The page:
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MAMA acquires major work by Michael Riley

 Michael Riley, Flyblown, 1998, COLLECTION, Murray Art Museum Albury, 2020. Image by Jeremy Weihrauch, 9036.jpg
Murray Art Museum Albury

Michael Riley’s ground breaking photography and visionary films have made a significant impact on Australian art.

‘The acquisition of Flyblown is an important addition to our permanent collection, made possible by the generosity of private supporters. Importantly, the gift supporting this acquisition includes funding for touring infrastructure and the commission of a new essay by celebrated curator and writer, Djon Mundine. This will allow us to share this work with galleries and communities across Australia.’ said MAMA Director Bree Pickering.

‘We feel honoured to have been entrusted with this significant Australian work, and are excited to be sharing the work with our community so soon after it has arrived in our collection’, Pickering continues.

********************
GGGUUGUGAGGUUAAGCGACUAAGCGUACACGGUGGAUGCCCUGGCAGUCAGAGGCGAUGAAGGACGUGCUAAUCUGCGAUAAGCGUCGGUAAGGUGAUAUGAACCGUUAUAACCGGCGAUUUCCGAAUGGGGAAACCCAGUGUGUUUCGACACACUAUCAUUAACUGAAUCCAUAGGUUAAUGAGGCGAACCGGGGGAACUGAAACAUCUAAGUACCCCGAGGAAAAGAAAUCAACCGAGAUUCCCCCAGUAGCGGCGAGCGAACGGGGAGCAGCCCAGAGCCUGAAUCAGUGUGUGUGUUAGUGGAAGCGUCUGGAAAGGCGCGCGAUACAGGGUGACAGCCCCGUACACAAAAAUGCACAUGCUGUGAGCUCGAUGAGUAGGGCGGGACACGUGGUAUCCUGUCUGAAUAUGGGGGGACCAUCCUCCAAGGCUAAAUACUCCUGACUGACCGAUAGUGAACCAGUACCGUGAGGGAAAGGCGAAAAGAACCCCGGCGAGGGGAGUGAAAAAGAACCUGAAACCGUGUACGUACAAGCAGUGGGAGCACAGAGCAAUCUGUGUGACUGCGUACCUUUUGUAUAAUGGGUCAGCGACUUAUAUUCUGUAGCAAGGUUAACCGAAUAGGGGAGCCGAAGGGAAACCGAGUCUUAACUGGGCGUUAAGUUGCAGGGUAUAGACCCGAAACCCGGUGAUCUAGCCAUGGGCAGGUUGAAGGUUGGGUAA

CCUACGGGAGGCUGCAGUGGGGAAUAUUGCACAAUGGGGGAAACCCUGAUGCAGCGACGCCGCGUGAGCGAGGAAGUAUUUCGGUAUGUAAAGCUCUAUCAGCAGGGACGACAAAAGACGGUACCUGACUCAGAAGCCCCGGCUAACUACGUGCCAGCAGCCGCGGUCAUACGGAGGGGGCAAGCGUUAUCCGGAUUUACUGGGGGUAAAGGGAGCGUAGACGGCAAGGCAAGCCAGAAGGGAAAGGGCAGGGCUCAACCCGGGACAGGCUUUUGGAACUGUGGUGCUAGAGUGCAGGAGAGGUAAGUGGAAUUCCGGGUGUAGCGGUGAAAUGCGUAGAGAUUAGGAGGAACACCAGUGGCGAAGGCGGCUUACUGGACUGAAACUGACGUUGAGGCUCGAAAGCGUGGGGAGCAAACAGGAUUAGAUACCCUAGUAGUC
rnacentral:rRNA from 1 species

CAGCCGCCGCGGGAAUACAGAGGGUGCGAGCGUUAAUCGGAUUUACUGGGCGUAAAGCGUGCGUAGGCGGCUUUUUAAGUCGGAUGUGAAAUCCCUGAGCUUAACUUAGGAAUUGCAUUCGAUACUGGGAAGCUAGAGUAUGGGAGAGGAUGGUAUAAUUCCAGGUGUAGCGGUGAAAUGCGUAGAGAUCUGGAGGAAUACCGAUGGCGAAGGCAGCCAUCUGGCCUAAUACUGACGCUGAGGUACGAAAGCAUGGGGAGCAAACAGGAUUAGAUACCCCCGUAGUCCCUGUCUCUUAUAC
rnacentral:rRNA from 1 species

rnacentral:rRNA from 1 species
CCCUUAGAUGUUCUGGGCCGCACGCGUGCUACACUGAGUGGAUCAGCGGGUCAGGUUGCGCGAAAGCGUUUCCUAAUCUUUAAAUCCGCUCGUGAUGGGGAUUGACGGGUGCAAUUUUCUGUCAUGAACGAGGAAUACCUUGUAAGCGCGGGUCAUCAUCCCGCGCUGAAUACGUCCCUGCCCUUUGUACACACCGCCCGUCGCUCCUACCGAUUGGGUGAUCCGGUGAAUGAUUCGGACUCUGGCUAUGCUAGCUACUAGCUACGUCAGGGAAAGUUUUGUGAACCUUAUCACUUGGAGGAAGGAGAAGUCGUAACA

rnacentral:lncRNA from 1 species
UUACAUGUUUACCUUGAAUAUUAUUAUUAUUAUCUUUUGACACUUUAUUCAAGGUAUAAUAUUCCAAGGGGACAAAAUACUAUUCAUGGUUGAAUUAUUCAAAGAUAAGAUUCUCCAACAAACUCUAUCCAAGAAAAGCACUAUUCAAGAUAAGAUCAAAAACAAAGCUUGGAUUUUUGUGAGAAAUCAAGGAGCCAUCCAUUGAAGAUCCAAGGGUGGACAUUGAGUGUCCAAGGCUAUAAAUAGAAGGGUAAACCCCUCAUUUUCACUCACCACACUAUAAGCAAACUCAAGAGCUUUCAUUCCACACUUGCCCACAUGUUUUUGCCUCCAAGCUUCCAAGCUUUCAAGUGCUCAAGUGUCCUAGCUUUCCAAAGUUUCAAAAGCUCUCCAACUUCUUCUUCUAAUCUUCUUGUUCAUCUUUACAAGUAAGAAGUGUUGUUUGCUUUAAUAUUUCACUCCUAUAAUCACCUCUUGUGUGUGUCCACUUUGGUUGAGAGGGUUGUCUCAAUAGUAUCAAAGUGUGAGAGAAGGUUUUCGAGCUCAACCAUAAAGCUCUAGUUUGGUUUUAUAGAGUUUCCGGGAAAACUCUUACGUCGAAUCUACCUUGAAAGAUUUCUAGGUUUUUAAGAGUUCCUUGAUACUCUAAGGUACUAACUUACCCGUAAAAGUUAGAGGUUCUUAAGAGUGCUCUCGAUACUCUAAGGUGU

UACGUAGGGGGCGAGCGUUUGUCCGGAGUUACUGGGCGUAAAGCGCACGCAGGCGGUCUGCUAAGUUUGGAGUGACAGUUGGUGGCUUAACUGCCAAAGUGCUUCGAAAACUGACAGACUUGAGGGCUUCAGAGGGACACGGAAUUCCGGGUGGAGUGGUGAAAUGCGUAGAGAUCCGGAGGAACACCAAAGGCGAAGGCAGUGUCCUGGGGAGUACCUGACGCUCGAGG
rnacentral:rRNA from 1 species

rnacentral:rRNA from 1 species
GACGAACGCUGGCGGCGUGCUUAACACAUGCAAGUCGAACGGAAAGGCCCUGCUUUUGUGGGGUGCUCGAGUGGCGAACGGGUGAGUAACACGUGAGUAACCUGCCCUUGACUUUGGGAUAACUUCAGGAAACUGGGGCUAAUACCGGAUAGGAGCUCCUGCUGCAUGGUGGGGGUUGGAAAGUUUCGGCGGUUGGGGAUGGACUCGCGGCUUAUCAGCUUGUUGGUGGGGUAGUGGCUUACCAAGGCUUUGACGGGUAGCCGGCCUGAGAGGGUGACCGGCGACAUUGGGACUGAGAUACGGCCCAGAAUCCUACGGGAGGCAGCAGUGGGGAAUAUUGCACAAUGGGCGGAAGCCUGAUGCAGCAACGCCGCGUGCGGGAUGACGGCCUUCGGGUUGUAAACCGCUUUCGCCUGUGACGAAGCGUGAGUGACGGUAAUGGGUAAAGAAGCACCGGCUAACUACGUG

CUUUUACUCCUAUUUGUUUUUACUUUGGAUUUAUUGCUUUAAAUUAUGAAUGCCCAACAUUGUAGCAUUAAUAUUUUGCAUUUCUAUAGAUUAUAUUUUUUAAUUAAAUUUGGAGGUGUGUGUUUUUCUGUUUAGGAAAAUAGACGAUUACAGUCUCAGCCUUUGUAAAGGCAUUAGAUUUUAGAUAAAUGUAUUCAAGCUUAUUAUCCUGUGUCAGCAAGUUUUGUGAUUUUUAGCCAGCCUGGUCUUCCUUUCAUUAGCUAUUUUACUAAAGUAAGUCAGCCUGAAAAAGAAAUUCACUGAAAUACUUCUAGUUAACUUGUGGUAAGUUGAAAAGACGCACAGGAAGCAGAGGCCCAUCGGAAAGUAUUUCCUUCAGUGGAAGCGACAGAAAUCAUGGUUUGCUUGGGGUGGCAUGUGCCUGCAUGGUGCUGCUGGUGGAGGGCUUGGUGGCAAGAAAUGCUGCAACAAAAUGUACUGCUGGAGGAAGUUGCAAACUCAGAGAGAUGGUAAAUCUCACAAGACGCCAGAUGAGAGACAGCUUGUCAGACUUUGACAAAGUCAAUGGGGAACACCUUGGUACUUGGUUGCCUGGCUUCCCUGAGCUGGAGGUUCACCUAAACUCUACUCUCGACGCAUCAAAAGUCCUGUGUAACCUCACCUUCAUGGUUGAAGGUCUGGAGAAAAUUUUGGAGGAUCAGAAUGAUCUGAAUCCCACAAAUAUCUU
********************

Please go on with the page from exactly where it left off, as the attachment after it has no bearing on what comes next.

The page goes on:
Flyblown was exhibited at MAMA from 10 May – 8 July, together with one of Riley’s ground breaking documentary films, Empire.

 ‘Flyblown is as relevant and important now as it was in 1998, when it was first shown. It is a powerful vision of the Australian landscape and the impacts of colonisation upon it and its first peoples. In selecting to show the work alongside one of Riley’s documentary films, Empire, we really wanted to celebrate the depth of Riley’s artistic output and the cultural significance of his voice.’

Michael Moran, Curator, Murray Art Museum Albury

The acquisition was made possible by the generosity of three supporters: the Michael Riley Foundation, The Commercial, and the Russell Mills Foundation.

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